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The 2015 DrewExMachina blog post Mariner 4 to Mars has an interesting looking plot! Below is the associated text, and the image caption.

But I still do not understand all of the lines and labels in this plot.

Question: Is it possible to dissect this and explain all of the information that's shown here, and possibly identify the original source document for further reading?

Initial tracking of Mariner 4 showed that it would miss Mars by 246,378 kilometers. The spacecraft had been purposely aimed away from Mars to minimize the chances that its unsterilized Agena D upper stage would impact Mars and contaminate it. At 16:09 GMT on December 5, Mariner 4 fired its course correction engine for 20 seconds at a distance of 2.034 million kilometers from the Earth to change its velocity by 17.3 meters per second. This single burn was enough to place Mariner 4 on course for a flyby 9,600 kilometers above the surface of Mars. The aim point was carefully selected to avoid passing into the shadow of Mars or block Mariner’s view of Canopus while at the same time pass behind Mars as viewed from Earth while avoiding the moons Phobos or Deimos during the photography session.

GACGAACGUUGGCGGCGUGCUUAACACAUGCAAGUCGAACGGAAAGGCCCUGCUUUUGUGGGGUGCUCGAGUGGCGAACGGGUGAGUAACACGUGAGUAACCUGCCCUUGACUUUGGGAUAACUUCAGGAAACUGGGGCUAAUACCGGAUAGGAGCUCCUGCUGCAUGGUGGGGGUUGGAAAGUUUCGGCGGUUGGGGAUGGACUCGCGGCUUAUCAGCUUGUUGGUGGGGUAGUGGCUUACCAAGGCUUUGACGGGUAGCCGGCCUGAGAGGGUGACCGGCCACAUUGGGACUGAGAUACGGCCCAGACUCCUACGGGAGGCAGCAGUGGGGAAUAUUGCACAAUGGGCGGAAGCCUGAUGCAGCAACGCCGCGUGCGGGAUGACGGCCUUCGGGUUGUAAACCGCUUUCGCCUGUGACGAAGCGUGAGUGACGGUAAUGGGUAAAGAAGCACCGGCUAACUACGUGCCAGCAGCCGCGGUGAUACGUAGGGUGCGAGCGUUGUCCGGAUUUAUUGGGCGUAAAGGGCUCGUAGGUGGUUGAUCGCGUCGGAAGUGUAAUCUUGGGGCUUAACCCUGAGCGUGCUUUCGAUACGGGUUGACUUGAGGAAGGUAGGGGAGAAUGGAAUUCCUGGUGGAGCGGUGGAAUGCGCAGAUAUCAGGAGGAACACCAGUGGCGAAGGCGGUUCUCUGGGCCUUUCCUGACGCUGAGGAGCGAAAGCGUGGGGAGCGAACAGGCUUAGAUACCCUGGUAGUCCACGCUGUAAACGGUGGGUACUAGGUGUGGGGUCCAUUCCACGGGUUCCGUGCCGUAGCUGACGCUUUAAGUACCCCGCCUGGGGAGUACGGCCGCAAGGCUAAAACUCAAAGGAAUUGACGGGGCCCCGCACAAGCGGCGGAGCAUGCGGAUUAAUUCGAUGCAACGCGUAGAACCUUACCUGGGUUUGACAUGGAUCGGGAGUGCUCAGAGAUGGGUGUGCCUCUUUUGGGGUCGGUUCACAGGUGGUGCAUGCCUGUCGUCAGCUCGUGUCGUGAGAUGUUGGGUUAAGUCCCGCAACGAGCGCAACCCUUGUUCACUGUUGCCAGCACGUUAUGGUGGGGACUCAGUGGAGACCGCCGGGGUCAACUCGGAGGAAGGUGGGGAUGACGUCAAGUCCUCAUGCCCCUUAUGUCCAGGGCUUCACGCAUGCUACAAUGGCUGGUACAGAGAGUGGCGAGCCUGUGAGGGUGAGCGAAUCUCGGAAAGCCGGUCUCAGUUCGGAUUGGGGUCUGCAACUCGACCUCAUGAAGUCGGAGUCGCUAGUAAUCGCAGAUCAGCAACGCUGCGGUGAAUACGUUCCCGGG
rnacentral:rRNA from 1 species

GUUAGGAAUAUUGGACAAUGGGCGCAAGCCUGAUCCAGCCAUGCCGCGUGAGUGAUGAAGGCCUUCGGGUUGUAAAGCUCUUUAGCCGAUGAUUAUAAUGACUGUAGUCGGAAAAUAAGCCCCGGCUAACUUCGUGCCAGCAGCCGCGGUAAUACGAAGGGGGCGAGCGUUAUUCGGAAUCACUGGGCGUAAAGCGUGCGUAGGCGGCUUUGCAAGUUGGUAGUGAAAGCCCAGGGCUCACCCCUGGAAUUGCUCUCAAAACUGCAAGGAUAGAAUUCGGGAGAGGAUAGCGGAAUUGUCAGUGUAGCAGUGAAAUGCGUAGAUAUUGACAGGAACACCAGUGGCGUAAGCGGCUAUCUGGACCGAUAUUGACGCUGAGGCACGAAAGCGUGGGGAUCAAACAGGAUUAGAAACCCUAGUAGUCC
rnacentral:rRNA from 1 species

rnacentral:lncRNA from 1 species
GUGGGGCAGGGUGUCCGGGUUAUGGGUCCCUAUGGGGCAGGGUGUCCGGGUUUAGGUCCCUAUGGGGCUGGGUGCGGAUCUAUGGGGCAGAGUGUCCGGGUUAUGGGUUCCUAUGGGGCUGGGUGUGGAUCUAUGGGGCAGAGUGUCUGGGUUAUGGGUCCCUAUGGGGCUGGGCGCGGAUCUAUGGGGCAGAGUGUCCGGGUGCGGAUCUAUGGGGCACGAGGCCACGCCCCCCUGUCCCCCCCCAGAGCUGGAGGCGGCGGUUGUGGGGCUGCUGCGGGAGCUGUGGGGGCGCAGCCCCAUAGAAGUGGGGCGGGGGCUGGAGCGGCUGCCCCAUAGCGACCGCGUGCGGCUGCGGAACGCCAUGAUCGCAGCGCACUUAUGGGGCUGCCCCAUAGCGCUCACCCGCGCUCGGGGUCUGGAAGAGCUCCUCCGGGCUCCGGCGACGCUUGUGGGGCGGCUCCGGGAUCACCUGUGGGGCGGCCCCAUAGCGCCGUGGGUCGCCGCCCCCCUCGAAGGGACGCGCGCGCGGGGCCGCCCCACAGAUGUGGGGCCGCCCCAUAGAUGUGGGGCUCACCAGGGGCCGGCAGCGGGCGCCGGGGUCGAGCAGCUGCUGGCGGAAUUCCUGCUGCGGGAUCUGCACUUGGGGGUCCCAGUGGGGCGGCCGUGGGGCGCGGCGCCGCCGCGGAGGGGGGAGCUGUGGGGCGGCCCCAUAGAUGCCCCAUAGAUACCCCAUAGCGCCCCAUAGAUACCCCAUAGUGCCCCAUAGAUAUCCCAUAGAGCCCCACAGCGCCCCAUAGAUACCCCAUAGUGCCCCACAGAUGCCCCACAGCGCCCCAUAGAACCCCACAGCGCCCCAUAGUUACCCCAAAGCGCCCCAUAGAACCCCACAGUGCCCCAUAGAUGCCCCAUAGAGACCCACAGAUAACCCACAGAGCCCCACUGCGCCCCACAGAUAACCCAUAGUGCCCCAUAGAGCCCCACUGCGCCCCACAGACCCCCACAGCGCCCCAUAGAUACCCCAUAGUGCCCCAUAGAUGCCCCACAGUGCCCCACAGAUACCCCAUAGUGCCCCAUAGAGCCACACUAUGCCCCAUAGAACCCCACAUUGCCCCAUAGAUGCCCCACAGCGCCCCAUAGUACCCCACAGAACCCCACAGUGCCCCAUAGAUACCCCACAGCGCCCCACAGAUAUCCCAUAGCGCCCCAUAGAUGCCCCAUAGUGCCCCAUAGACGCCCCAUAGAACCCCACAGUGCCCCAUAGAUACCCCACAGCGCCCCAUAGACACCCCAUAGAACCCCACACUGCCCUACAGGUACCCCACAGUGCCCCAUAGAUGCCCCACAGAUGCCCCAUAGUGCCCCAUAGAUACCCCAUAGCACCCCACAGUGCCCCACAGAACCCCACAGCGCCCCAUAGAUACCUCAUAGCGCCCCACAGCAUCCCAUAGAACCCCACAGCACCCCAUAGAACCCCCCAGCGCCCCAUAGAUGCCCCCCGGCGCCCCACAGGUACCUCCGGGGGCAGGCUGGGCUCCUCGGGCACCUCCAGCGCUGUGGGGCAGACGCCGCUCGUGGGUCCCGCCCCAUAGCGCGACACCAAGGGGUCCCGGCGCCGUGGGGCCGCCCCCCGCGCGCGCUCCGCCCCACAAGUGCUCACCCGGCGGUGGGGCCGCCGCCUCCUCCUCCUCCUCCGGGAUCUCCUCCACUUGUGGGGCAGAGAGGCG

below: "Diagram illustrating the aim point of Mariner 4 past Mars after its midcourse maneuver on December 5, 1964." Credit: NASA/JPL click for full size

aim point of Mariner 4 past Mars 5-dec-1964

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    $\begingroup$ A quick search shows the diagram is from "Guidance and Control of the Mariner Planetary Spacecraft" (Scull) page 106 $\endgroup$ – Matthew R. Aug 29 '18 at 11:54
  • $\begingroup$ @MatthewR. great! That is certainly going to be helpful. $\endgroup$ – uhoh Aug 29 '18 at 11:57
  • $\begingroup$ I'd say most of the lines are the boundaries of areas where you do not want to go: mars surface [we do not want to crash] impact circle [mars atmosphere drag? still we do not want to crash], canopis occultation contour [we need to see Canopis], sun occultation contour [we need sun for photography]. Earth occultation contour is probably a place where you want to go [as per above "pass behind Mars as viewed from Earth"]. So you want to be in Earth occultation but not in the other areas. Within this requirement, an aiming region is selected and and aiming point is chosen. $\endgroup$ – BlueCoder Aug 29 '18 at 12:21
  • $\begingroup$ Based on the aiming point, an a-priori dispersion ellipse is drawn (where we might end up after our midcourse burn aiming for that point]. Then a few more point are drawn after the midcourse correction that confirm we succeded in the burn (we are close to aiming point and indeed within the expected dispersion). That's my interpreation, I didn't read the article :) $\endgroup$ – BlueCoder Aug 29 '18 at 12:21